Time and chance have dealt more severely with other parts of Montagu's correspondence, and for her biographer, keen to reveal Montagu as a comet streaking across the Enlightenment sky, it must be particularly galling to recognise that her letters to some of the intellectual giants of the age, like Congreve, Rousseau, Montesquieu, for instance, and to her cousin Henry Fielding, have completely disappeared.
There are significant gaps in her personal letters too (those, for example, to her errant son, the dreadful Edward who married a washerwoman while still in his teens, and then embarked on a life of drink and debt, were destroyed by his descendants, anxious to avoid embarrassment); but these are as nothing to the disappearance of Montagu's other major literary works. Her lifelong diary was destroyed, and a "History of (her) own time" was "consecrated to the fire" as she finished it. At her death, 21 large volumes of prose and verse in manuscript were said to survive, but the scholarly edition fills only five, and certainly the love poetry and fiction that do still exist are only a small proportion of what Montagu actually completed. A large part of the problem is that Montagu wrote for a society that still subscribed heavily to the idea of a manuscript culture. Writing circulated in manuscript and was sometimes copied out by the recipient before being passed on. What little Montagu did allow into print was naturally - because she was a woman, and an upper-class one at that - published anonymously. We know from various contemporary remarks that Montagu was highly esteemed as a poet. The Duke of Buckingham referred to "the Fam'd Lady Mary" as a prospective Poet Laureate when the office became vacant; but as to the precise scale of her poetic achievement, the biographer is to some extent left groping about in the dark.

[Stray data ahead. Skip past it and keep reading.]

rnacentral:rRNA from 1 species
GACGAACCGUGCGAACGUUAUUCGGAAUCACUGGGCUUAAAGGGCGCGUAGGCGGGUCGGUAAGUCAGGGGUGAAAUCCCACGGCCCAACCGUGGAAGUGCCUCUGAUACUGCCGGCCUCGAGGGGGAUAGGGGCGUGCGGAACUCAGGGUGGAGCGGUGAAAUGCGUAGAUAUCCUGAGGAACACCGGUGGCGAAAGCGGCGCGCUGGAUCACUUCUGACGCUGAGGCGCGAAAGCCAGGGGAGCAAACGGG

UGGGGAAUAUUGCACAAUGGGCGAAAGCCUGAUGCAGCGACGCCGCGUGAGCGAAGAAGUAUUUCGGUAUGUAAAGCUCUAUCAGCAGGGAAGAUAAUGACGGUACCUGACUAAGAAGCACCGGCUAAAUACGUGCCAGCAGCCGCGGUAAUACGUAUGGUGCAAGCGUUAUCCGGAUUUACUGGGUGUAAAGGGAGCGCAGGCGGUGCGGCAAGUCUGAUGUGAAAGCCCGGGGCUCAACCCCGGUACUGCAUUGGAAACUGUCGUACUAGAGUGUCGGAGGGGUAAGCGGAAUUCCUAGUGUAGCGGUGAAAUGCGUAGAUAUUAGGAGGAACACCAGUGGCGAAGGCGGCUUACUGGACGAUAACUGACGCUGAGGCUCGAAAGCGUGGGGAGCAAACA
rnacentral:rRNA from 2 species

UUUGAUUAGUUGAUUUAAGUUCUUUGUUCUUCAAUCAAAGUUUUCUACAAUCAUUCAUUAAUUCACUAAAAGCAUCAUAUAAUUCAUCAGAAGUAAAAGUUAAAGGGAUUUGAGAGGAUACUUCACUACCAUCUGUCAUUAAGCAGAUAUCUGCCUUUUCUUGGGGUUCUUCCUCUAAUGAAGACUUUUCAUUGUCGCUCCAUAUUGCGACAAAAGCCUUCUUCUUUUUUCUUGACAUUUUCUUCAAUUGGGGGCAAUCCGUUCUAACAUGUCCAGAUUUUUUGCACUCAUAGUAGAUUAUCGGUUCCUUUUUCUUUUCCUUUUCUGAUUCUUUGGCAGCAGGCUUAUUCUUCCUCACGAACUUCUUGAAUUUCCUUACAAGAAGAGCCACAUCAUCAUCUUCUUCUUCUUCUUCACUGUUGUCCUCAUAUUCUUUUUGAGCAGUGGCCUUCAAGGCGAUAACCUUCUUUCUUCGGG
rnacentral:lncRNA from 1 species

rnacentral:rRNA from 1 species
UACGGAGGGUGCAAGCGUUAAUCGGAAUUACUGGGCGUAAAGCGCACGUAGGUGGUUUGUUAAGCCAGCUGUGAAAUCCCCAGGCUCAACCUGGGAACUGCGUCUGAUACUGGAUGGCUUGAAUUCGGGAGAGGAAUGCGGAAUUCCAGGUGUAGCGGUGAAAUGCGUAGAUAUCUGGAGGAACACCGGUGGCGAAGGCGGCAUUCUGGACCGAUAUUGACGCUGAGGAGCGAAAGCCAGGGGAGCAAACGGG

All these drawbacks do all the more credit to Isobel Grundy's extraordinary feat in bringing Lady Mary Wortley Montagu alive in all her various guises. This is the first authoritative biography in more than 40 years, and the first to make use of all the scholarly work which, in the intervening period, has definitively established Montagu as perhaps the most significant woman writer between Aphra Behn and Jane Austen (Fanny Burney notwithstanding).
Grundy began her career in the 1960s as a research assistant to Robert Halsband, the editor of the complete edition of the letters, and for much of the past 30 years she has been painstakingly uncovering Lady Mary's hidden literary and biographical traces. This biography, which runs to almost 700 pages, is the product of an enormous amount of scholarship. Its detail, designed to illustrate the world in which Lady Mary moved, is truly prodigious, and yet the book rarely suffers from that besetting sin of the academic biographer: of throwing in every bit of research, however tangential. And most amazingly of all, the interest of the narrative never slackens: from Lady Mary's rejection of her suitor, the improbably named Clotworthy Skeffington, and her elopement with Edward Wortley Montagu in 1712, right through to her return to England from Italy in 1761 after more than 20 years of travelling around the continent (some of the time spent in chasing a shifty Italian bisexual called Algarotti, with whom she was besotted), the story holds you gripped.